• Goepfert v. Filler, No. 19777
    • United States
    • Supreme Court of South Dakota
    • May 14, 1997
    ...434 N.W.2d 758, 760 (S.D.1989). If any legal basis exists to support the circuit court's ruling, affirmance is proper. Petersen v. Dacy, 1996 SD 72, p 5, 550 N.W.2d 91, 92 (citations Analysis and Decision ¶5 The circuit court ruled from the bench: [I]n looking at everything in the light mos......
  • Schipke v. Grad, No. 19632
    • United States
    • Supreme Court of South Dakota
    • December 4, 1996
    ...If there exists any basis which supports the ruling of the trial court, affirmance of a summary judgment is proper." Petersen v. Dacy, 1996 SD 72, p 5, 550 N.W.2d 91, 92 (1996) (quoting Trippet Special Trust v. Blevins, 1996 SD 29, p 6, 545 N.W.2d 216, 221 (1996)); Waddell v. Dewey County B......
  • Request a trial to view additional results
22 cases
  • Paint Brush Corp. v. Neu, No. 20701
    • United States
    • Supreme Court of South Dakota
    • September 1, 1999
    ...SDCL 20-11-3. [¶ 52.] "If a communication is privileged, it cannot constitute defamation and is not actionable." Petersen v. Dacy, 550 N.W.2d 91, 92 (S.D.1996) (citing Peterson v. City of Mitchell, 499 N.W.2d 911, 915 (S.D.1993)). In a cause of action for defamation, privilege may be raised......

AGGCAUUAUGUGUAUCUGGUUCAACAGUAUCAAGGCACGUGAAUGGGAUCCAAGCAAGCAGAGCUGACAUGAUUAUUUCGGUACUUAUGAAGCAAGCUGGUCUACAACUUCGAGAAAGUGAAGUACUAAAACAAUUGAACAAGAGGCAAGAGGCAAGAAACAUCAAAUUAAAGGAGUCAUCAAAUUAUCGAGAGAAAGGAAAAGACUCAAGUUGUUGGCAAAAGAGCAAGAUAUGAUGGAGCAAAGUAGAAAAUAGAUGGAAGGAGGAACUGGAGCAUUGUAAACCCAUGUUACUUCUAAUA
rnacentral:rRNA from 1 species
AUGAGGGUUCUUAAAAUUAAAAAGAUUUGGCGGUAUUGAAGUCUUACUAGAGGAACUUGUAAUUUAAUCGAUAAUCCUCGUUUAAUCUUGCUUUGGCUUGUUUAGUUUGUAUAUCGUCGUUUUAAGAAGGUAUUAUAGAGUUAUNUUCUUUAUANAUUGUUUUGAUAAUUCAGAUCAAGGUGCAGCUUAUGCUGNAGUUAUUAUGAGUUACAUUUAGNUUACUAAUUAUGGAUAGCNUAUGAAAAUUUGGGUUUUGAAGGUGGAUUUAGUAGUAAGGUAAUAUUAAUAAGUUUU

• Satellite Cable Services, Inc. v. Northern Electric Co-op., Inc., No. 20046
    • United States
    • Supreme Court of South Dakota
    • July 1, 1998
    ...v. Arrow Bar, 452 N.W.2d 138, 140 (S.D.1990). If any basis exists to support summary judgment, affirmance is proper. Petersen v. Dacy, 1996 SD 72, p 5, 550 N.W.2d 91, 92 (citing Trippet Special Trust v. Blevins, 1996 SD 29, p 6, 545 N.W.2d 216, 221); Waddell v. Dewey Cty. Bank, 471 N.W.2d 5......
  • Goepfert v. Filler, No. 19777
    • United States
    • Supreme Court of South Dakota
    • May 14, 1997
    ...434 N.W.2d 758, 760 (S.D.1989). If any legal basis exists to support the circuit court's ruling, affirmance is proper. Petersen v. Dacy, 1996 SD 72, p 5, 550 N.W.2d 91, 92 (citations Analysis and Decision ¶5 The circuit court ruled from the bench: [I]n looking at everything in the light mos......
  • Schipke v. Grad, No. 19632
    • United States
    • Supreme Court of South Dakota
    • December 4, 1996
    ...If there exists any basis which supports the ruling of the trial court, affirmance of a summary judgment is proper." Petersen v. Dacy, 1996 SD 72, p 5, 550 N.W.2d 91, 92 (1996) (quoting Trippet Special Trust v. Blevins, 1996 SD 29, p 6, 545 N.W.2d 216, 221 (1996)); Waddell v. Dewey County B......
  • Request a trial to view additional results